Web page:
By Seth Eggert, Staff Writer
CONCORD, N.C. – As simulation programs and electronic data become more prominent in NASCAR, Seven-Time Monster Energy NASCAR Cup Series Champion Jimmie Johnson believes that the driver is still key. The Hendrick Motorsports veteran has driven in several generations of NASCAR stock cars, and throughout much of the technology revolution.
Johnson made his first Premier Series starts in 2001, long before fuel injection, let alone laptops, were the standard in the NASCAR garage. Teams also had little to no restrictions on testing until the Gen 5 car became the standard in 2007 and 2008. Since then, teams have relied more heavily on simulation programs and other technology, which can make or break a season. Roush Fenway Racing famously had a technical glitch in their simulation program, resulting in their cars to be woefully off the pace.
“Drivers have a lot to say with it in our sport because we only get a handful of opportunities to collect real data,” Johnson explained the complexity of technology in the sport today. “Open test sessions are the only time we can collect that data for the vehicle itself and the track. Wheel Force Transducer tests where the manufacturers go run that collects tire data and then you’ve got to marry those two together. When you think about the tracks we test at or are allowed to test at and I think there are probably five open tests a year, I mean we’ve got 23 tracks on the circuit, every winter and summer the surface changes, the grip level changes and before you know it, you’ve got data that is years and years old that you are trying to trust and believe. And then you build your simulation around it.”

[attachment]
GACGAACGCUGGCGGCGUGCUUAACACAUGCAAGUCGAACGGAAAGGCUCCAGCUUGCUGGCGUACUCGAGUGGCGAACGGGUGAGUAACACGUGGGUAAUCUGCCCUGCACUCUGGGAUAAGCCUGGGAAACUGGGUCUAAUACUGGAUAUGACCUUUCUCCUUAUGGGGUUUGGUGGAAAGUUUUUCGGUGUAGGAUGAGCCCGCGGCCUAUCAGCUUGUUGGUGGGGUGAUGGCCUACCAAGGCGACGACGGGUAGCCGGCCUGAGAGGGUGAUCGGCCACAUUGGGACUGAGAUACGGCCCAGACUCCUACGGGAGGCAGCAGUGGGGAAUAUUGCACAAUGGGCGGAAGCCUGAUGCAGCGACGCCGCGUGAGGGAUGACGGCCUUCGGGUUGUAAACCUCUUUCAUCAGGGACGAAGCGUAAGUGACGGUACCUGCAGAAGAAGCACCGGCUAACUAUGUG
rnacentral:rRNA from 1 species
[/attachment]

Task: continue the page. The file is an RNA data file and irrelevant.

The effects on what direction a team goes based on simulations can be seen in recent results. Johnson has gone winless for nearly a full season for the first time in his Cup career. Other teams, such as Stewart-Haas Racing have prospered. The results on track in part, also come from decisions made on race day, as Johnson alluded to.
“It is a tough environment and the driver is still very much required and the crew chief to have gut decisions made. All other forms of motorsports they are streaming telemetry or can collect telemetry and data every lap of every race and that just makes that world so much easier to make the right decisions. For us, it’s still about the gut decision between the driver and the crew chief.”
Johnson and his No. 48 Lowe’s for Pros Chevrolet Camaro ZL1 team enter the Coca-Cola 600 at Charlotte Motor Speedway 12thin the Championship Standings, 217-points behind Points Leader Kyle Busch. He is just 20-points ahead of the Playoff Cutoff, held by his teammate Chase Elliott. Johnson uncharacteristically has just one top-five and four top-10s after 12 races this season.